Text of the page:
Marcus Junius Brutus
Made famous or infamous by the “Et tu, Brute” quotation from Shakespeare’s play Julius Caesar, Marcus Junius Brutus the Younger (85 – 42 BC), was Julius Caesar’s friend and most famous assassin. A patrician, he was born to Marcus Junius Brutus the Elder, who was treacherously murdered by Pompey the Great, and Servilla, who became Julius Caesar’s mistress for many years.
After his father’s murder, Brutus was raised by his maternal uncle, Cato the Younger, one of Rome’s leading conservatives and a staunch advocate of returning to the values and lifestyles of the Republic’s early days.
Brutus had been a close ally of Caesar and a supporter of his Populares faction, but as Caesar sought greater power, Brutus came to view him as a tyrant. Switching to Caesar’s Optimates opponents, Brutus fought within their ranks and under the leadership of his father’s murderer, Pompey the Great, in the civil war against his erstwhile friend and mother’s lover.
After Caesar won, he pardoned Brutus and restored him to favor, which paradoxically enraged Brutus even more, as he resented the fact that any Roman should have the power to pardon another Roman in the first place.
After Caesar assumed dictatorial powers, first for ten years and then for life, and came to act increasingly like a monarch, a faction of Roman senators, styling themselves the “Liberators”, formed to assassinate the dictator. The recruited Brutus, whose family name and descent from Lucius Junius Brutus, the Roman Republic’s founder who did away with the monarchy and expelled the last Roman king, carried significant symbolic weight.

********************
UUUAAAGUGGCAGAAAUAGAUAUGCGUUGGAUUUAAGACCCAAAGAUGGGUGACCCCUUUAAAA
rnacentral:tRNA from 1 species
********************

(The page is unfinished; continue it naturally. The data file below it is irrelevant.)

Brutus betrayed Caesar and delivered one of the stab wounds during the dictator’s assassination on the Ides of March in 44 BC. Afterward, the Senate declared an amnesty for the killers, but rioting forced Brutus and the other assassins to flee Rome. The following year, Caesar’s nephew and heir, Octavian, secured a resolution revoking the amnesty and declaring Caesar’s assassins murderers.
That led to another round of civil war, which culminated at the Battle of Philippi in 42 BC, in which the combined forces of Octavian and Mark Antony crushed those of Brutus and the surviving assassins. Brutus committed suicide after the defeat.